Texas A&M and Texas don't play on the football field, but in the battle for offseason supremacy in the Lone Star State, the rivalry is alive and well.
The latest scoring play came in the form of a coaching search.
Brick Haley, the current Longhorns defensive line coach, will stay with the program despite overtures from the Aggies, according to Chris Hummer of 247Sports. According to the report, Texas head coach Charlie Strong made an offer that was "close enough" to the one offered by Texas A&M head coach Kevin Sumlin to keep Haley in Austin.
This comes on the heels of the Longhorns' becoming one of the monsters of national signing day, vaulting from a class ranked in the high-20s-to-low-30s that morning, depending on the service, all the way to 11th by the end of the day.
At the same time, Texas A&M has drawn headlines for all of the wrong reasons, most recently due to the arrest of defensive end signee Alton Robinson on robbery charges, according to David Ibanez of KSAT-12 in San Antonio, Texas. Prior to that, the double depature of former 5-star quarterbacks Kyle Allen and Kyler Murray cranked up the heat on Sumlin's seat to "scorching"—which matches the status of Strong's.
Who's better set up in 2016?
Despite the recent wave of bad news, it's Texas A&M.
And it isn't even close.
Very quietly, the Aggies have done a lot to fix massive problems in the program while also tweaking a few things that should impact it in the short term.
Trevor Knight was a much-maligned backup at Oklahoma after failing to build on his four-touchdown performance as a freshman in the 2014 Sugar Bowl over Alabama, but he was one of—if not the—most sought-after quarterbacks on the graduate transfer market.
Texas' offseason quarterback quest netted the Longhorns on the list of FCS star Dakota Prukop, according to 247Sports, but Prukop chose to sign with Oregon. Jerrod Heard showed flashes of brilliance in place of Tyronne Swoopes last year but had as many picks as touchdown passes (five) and needs to progress.
The Aggies also hit a home run in the offensive coordinator search, first simply by letting go of former coordinator Jake Spavital and then replacing him with UCLA's Noel Mazzone. As he told reporters when he was hired, Mazzone will bring a much more physical approach to the Aggie offense and loves to run the football, but he'll do so with tempo out of the spread. Basically, he'll keep Texas A&M's identity while adjusting the scheme ever so slightly to fit what SEC football demands.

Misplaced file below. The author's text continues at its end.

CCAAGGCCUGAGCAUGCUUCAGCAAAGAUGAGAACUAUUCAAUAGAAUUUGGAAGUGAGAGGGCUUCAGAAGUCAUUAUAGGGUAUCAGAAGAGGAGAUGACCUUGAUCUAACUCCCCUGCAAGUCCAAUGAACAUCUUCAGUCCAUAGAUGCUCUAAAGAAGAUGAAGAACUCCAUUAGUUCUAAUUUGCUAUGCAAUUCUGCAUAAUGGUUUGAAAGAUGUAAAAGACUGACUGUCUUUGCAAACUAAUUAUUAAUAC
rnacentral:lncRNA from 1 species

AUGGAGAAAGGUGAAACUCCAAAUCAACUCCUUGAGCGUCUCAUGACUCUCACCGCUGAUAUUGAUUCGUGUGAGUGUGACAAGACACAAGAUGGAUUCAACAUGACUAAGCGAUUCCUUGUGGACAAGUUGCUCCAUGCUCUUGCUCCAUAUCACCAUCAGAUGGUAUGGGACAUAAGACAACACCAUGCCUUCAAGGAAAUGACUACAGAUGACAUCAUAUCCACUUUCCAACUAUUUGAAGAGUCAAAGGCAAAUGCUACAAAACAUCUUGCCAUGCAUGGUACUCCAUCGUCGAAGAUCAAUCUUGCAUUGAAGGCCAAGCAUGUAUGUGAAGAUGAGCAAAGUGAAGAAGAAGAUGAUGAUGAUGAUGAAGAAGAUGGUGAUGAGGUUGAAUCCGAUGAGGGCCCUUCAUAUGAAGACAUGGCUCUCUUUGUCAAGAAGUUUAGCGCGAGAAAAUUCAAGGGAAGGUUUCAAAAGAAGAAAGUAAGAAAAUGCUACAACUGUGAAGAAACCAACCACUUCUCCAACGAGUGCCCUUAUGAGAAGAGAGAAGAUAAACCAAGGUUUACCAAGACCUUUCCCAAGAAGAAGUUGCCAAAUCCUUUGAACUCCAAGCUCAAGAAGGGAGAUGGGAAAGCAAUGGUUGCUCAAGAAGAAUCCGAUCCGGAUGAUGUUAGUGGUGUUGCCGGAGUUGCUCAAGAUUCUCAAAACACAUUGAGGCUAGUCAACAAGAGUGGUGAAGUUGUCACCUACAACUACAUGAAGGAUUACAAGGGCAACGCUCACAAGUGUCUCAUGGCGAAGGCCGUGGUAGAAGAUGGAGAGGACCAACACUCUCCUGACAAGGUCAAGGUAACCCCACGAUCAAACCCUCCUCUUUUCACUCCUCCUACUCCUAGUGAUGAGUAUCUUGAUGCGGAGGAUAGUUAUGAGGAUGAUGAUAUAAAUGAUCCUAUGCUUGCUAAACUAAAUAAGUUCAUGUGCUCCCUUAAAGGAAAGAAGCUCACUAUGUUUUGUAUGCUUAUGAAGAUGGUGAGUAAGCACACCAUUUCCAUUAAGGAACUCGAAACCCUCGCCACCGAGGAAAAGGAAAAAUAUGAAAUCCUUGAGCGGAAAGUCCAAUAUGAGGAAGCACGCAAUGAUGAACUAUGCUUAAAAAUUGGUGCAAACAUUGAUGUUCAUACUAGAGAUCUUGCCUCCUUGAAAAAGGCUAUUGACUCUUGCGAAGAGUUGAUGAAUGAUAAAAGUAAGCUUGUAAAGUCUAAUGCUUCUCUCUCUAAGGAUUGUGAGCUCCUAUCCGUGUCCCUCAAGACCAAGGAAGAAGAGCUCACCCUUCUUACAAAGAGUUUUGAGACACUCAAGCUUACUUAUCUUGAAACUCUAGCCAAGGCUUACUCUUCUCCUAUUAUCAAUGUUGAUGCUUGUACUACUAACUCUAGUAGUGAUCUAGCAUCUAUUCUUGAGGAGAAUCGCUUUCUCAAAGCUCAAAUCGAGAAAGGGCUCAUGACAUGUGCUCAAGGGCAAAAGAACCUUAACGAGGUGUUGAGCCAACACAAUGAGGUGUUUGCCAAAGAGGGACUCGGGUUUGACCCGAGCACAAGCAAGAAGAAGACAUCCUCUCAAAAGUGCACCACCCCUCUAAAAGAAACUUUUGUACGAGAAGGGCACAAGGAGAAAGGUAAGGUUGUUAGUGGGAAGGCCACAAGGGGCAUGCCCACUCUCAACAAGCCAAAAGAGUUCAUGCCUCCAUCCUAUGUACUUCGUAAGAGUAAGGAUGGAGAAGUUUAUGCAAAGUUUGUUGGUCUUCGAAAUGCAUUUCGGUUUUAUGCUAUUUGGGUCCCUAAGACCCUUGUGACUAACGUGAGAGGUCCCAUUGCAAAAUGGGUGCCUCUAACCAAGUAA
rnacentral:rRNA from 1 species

Strong managed some addition-by-subtraction on the offensive side of the ball as well by bidding farewell to quarterbacks coach Shawn Watson and offensive line coach Joe Wickline, replacing them with Tulsa's Sterlin Gilbert and Matt Mattox, respectively. It was long overdue, after the Longhorns managed just 370.8 yards per game a year ago (91st in the nation)—which was actually an improvement from 2014.
But the stench of desperation from the week-long saga to land Gilbert—who has never called plays at the FBS level—coupled with Mazzone's track record of success, gives the Aggies another edge.
Offense has been a major issue at both Lone Star State schools, but the moves Sumlin has made this offseason, coupled with his ability and creativity as an offensive mind, make Texas A&M much more trustworthy.
Defensively, it might appear to be a different story.
Don't be fooled by appearances, though.
Texas' defense should vastly improved from the 2015 season in which it gave up 452.6 yards per game. With Strong at the helm and a linebacker like Malik Jefferson leading the charge with veteran corners Davante Davis and Holton Hill, a gigantic leap forward should be expected. Texas A&M's defense should be—gasp—pretty good as well, thanks to a loaded roster and stability within the coaching staff.
The Aggies have a terrifying defensive line that features tackle Daylon Mack and ends Myles Garrett and Daeshon Hall, as well as an established safety in Armani Watts. On top of that, they get linebacker Otaro Alaka back from essentially a year off due to injury and have former UCLA corner and stud recruit Priest Willis eligible now after sitting out his transfer year.
Who will have a better season?
This off a defense that finished seventh in the SEC in scoring defense (22 points per game) and eighth in total defense (380 yards per game). That might not seem overly impressive, but it was Year 1 under new coordinator John Chavis and a vast improvement from 2014, when the Aggies gave up 28.1 points and 450.8 yards per game.
More familiarity with the system, coupled with a more mature roster that includes even more star power, should make the Texas A&M defense formidable again in 2016.
Texas A&M might not be better than Texas. That'll be a close race, and could go either way. But the Aggies will still be solid, which is all they need to be if and when the offense operates in a way Sumlin wants it to. While both head coaches have taken steps to kick-start stagnant offenses this offseason, it's much easier to have faith in Sumlin than in Strong in that department.
Don't be fooled by the negative offseason headlines. Texas A&M will be just fine in 2016 and certainly has more going for it short-term than its intra-state rivals.
Barrett Sallee is the lead SEC college football writer and national college football video analyst for Bleacher Report as well as a host on Bleacher Report Radio on SiriusXM 83. Follow Barrett on Twitter @BarrettSallee.